• Rheumatology and orthopedics
  • Clinicals

Types of fractures

  • 3 minutes, 30 seconds
  • Rheumatology and orthopedics
  • 2021-08-13

Estimated read time is 3 minutes, 30 seconds

Article Details

A fracture is defined as a break in the normal continuity of the structure of bone

It can be partial or complete

A medical condition where the bone is either cracked or broken

Traumatic injuries account for the majority of fractures

Causes of fractures

Direct force- the force is applied directly to the bone

Indirect force –the force is transmitted along with other parts of the body

Muscular violence –violent contraction of muscles in order to avoid falling e.g. quadriceps causing fractured patella

Muscle fatigue –deprives the bones of necessary support

Pathological – due to disuse of muscles leading to atrophy, bone demineralizing diseases or local disease

classification of fractures

5 factors are taken into account when fractures are classified.

1. The name of the bone
2. The location on the bone
3. The type of fracture
4. The group/ shape (Like a spiral fracture)
5. The subgroups, which looks at factors like the displacement or if there is shortening

Classification can also either be orthopedics or anatomical

Anatomical classification

Anatomical classification is based on the body part affected.

Anatomical classification-according to fracture specification

Comminuted fracture:
The bone is broken into more than two fragments.

Stellate fracture:
Fracture lines run in various directions from one point e .g. fracture of flat bones of the skull and the patella.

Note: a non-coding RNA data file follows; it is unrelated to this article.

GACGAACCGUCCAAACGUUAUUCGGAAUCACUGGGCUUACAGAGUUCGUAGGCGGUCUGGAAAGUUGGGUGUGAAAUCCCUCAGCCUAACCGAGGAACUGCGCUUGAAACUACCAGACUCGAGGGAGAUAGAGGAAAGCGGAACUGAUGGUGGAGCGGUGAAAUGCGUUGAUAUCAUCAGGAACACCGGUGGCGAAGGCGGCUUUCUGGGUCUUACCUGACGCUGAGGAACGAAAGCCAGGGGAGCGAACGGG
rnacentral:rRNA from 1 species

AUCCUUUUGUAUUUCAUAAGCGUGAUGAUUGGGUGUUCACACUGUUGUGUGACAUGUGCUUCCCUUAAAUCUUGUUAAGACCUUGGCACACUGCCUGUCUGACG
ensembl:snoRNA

Impacted fracture:
This is a fracture where a vertical force drives the distal fragment of the fracture into the proximal fragment.

Depressed fracture:
This fracture occurs in the skull where a segment of bone gets depressed into the cranium

Avulsion fracture:
This is one, where a chip of bone is separated by the sudden and unexpected contraction of a powerful muscle from its point of insertion e.g.

1. The supra spinatus muscle avulsing the greater tuberosity of the humerus.
2. Avulsion fracture of the tibial tuberosity

Orthopedic classification

Communication with the external environment

Closed (simple) - fracture hematoma does not communicate with the outside.

Open ( compound) - fracture hematoma communicates with the outside through an open wound.

Types of fractures

Complete fracture –periosteum is tone separating the two bone fragments

Incomplete fracture - Continuity of the bone is not completely disrupted e.g. greenstick fractures in children